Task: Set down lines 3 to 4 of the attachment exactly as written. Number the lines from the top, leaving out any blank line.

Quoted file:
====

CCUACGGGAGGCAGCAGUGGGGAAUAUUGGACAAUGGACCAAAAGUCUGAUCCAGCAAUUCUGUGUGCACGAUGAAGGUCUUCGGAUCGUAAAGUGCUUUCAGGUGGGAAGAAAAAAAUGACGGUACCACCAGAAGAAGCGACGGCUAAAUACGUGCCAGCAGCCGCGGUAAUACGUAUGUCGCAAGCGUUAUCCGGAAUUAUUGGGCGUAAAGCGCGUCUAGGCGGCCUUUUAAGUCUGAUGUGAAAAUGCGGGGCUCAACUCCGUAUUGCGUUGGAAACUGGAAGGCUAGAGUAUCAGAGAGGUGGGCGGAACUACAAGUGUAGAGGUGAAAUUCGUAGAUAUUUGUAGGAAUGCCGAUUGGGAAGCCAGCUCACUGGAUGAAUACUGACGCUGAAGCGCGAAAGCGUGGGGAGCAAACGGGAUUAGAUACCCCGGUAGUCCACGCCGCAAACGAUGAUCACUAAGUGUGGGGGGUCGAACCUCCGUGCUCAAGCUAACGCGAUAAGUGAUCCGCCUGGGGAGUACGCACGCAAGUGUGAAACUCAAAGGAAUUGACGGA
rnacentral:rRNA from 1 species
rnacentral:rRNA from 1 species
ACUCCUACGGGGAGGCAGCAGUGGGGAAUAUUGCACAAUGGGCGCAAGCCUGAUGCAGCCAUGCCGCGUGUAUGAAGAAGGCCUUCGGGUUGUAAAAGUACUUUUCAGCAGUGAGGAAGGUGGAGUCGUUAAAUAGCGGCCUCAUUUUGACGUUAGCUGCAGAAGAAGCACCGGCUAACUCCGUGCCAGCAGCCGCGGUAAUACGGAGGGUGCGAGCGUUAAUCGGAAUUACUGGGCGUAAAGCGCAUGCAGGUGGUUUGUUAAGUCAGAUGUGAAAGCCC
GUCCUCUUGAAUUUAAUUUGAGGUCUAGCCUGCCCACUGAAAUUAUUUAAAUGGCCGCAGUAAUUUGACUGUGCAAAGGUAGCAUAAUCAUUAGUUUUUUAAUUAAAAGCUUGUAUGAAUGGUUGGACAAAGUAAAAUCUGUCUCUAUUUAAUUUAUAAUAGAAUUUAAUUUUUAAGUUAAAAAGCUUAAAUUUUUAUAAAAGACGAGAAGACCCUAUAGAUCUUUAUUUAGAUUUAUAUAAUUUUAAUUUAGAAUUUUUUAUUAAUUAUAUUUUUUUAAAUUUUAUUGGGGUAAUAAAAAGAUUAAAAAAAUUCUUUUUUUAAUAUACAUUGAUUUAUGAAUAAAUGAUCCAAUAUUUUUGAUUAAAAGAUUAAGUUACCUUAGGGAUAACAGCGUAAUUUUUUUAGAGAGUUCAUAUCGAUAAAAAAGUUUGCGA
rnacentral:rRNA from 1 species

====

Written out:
rnacentral:rRNA from 1 species
ACUCCUACGGGGAGGCAGCAGUGGGGAAUAUUGCACAAUGGGCGCAAGCCUGAUGCAGCCAUGCCGCGUGUAUGAAGAAGGCCUUCGGGUUGUAAAAGUACUUUUCAGCAGUGAGGAAGGUGGAGUCGUUAAAUAGCGGCCUCAUUUUGACGUUAGCUGCAGAAGAAGCACCGGCUAACUCCGUGCCAGCAGCCGCGGUAAUACGGAGGGUGCGAGCGUUAAUCGGAAUUACUGGGCGUAAAGCGCAUGCAGGUGGUUUGUUAAGUCAGAUGUGAAAGCCC